Inclusion is No Illusion

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ImageThe World Bank’s recent report Bangladesh: Towards Accelerated, Inclusive and Sustainable Growth—Opportunities and Challenges examines inclusiveness along three dimensions—poverty, inequality, and the distribution of economic opportunities. The findings are summarized in this post.

Economic growth in the last two decades in Bangladesh has been pro-poor. Poverty declined significantly from 58.8 percent in 1991/92 to 31.5 percent in 2010. Bangladesh succeeded in “bending the arc of poverty reduction” in the decade ending 2010, a period in which the number of poor declined by around 15 million, compared with a decline of about 2.3 million in the preceding decade. There has also been regional convergence in poverty patterns during 2005-10. Poverty reduction in the lagging Western divisions (Rajshahi, Khulna, and Barisal) was larger than in the Eastern divisions. A number of other indicators of welfare also show notable improvements between 2000 and 2010 for the general population and the poor alike.

Income distribution stabilized after deteriorating in the 1990s. While comparisons based on consumption data have been used to argue that inequality in Bangladesh is low by international standards, when income rather than HIES consumption data are used, inequality appears to be much higher. The degree of income inequality was reasonably low and stable compared to countries such as Malaysia, Thailand and Philippines during the 1970s and 1980s. But there was a sharp increase between 1991-92 and 1995-96. Gini consumption concentration ratios based on HIES 2000, 2005, and 2010 data were almost unchanged while Gini income concentration ratios increased by 3.5 percent during 2000-05 followed by 1.9 percent decrease during 2005-10. The good news is it has been a race to the top in the past decade with consumption growing for the poor and non-poor alike. However, income inequality in Bangladesh is relatively high. Among Bangladesh’s peer group of countries only Sri Lanka has a higher income Gini and Cambodia is close.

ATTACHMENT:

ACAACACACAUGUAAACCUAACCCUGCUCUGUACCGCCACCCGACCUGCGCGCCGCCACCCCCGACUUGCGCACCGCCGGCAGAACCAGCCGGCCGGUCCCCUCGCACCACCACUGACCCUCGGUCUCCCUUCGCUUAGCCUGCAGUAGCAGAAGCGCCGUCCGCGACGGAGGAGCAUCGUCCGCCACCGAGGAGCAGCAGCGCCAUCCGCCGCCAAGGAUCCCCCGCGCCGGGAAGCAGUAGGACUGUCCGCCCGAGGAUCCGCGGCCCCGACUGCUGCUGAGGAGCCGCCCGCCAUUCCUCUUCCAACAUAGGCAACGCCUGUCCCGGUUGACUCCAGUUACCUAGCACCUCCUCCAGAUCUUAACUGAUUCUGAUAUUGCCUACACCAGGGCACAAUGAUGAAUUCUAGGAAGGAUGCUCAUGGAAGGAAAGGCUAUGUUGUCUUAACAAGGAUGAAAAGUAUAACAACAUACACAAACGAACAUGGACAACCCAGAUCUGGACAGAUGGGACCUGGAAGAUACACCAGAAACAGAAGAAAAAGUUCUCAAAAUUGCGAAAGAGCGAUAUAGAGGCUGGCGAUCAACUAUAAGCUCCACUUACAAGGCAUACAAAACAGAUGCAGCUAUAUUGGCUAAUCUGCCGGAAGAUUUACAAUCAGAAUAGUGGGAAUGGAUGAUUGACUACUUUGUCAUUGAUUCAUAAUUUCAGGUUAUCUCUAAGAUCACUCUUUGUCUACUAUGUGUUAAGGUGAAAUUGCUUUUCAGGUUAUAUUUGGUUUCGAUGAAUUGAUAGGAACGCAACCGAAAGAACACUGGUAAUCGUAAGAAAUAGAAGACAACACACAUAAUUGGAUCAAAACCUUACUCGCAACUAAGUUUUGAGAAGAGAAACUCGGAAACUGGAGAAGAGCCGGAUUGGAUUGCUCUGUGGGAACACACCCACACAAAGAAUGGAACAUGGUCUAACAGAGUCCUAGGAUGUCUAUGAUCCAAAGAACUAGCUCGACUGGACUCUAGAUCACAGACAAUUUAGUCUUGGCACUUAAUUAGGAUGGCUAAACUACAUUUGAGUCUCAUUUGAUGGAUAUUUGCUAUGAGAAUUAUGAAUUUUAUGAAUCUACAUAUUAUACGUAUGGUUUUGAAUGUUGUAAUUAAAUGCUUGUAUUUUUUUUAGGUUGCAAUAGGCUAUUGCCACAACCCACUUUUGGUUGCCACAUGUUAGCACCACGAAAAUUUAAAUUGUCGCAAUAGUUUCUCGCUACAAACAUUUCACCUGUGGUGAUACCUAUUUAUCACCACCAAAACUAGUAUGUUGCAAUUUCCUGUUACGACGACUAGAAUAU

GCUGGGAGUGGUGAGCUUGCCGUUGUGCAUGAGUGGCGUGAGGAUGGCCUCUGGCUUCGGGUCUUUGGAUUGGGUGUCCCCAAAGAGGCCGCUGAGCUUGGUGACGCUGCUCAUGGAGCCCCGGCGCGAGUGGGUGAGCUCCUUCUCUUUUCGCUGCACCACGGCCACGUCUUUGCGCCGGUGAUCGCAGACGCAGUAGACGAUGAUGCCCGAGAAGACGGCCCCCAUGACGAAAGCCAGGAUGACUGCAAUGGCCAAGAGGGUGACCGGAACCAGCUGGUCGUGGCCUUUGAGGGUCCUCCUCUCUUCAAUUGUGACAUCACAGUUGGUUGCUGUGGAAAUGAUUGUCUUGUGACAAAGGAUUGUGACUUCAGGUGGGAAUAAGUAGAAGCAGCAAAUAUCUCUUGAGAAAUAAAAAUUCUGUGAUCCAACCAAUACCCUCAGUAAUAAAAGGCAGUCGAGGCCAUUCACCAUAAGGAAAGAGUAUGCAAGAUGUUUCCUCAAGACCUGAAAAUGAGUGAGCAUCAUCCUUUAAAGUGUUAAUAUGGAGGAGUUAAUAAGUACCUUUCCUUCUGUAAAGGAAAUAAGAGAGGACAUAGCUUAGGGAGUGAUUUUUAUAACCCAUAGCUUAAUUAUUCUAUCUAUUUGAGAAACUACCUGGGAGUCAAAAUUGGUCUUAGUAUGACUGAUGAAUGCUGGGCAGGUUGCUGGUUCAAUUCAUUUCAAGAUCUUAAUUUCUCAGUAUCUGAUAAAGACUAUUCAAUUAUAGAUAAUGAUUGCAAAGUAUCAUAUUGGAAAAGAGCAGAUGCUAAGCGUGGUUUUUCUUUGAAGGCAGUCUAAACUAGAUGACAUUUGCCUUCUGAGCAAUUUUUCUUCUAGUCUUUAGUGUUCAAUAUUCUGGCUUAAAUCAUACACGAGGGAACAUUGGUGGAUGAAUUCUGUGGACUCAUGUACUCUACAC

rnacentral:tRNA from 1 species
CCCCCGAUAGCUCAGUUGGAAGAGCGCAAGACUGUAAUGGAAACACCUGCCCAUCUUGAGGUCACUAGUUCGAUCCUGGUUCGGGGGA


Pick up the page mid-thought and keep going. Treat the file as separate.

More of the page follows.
Inclusivity of opportunities has improved over time. Labor is the single most important endowment of the poor. The good news is that average employment opportunity to Bangladeshis has increased over time reflecting a surge in migration abroad in the last half of the past decade. Also the distribution of employment opportunities has remained pro-poor. The bad news is that domestic employment opportunities have become less inclusive over time due to decline in both average employment opportunities as well as the distribution of employment opportunities. The decline in the inclusiveness of domestic employment was exacerbated by decline in the inclusiveness of access to land. Access to education, health and electricity continue to remain inequitable – electricity highly so; but inclusivity has improved over time on all the three indicators due to both increase in average opportunity as well as the distribution of opportunities.

No room for complacence. The size of the vulnerable non-poor remains very large. Simply moving from the national poverty line of $1.09 a day to the international $1.25 a day line increases the headcount ratio from 31.5 percent to 43.3 percent. The observed pace of poverty reduction in the last two decades slows considerably with the raising of the poverty line. Large numbers are at the margin (48.4 million above $1.25 a day but below $2 a day), indicating potential vulnerability to idiosyncratic or covariate shocks to income and/or expenditures. Vulnerability varies by regions and household characteristics. Vulnerability in coastal divisions (Rangpur, Chittagong) is much higher than the rest of the country. Vulnerability tends to be highest among households headed by illiterate persons. Households headed by persons with more than ten years of education are better placed to cope with risk and uncertainty. Also, agricultural households are more vulnerable than non-agricultural households. Bangladesh’s experience demonstrates that the notion of inclusion is no illusion, but it needs persistent policy attention to enhance access of the poor to economic opportunities.


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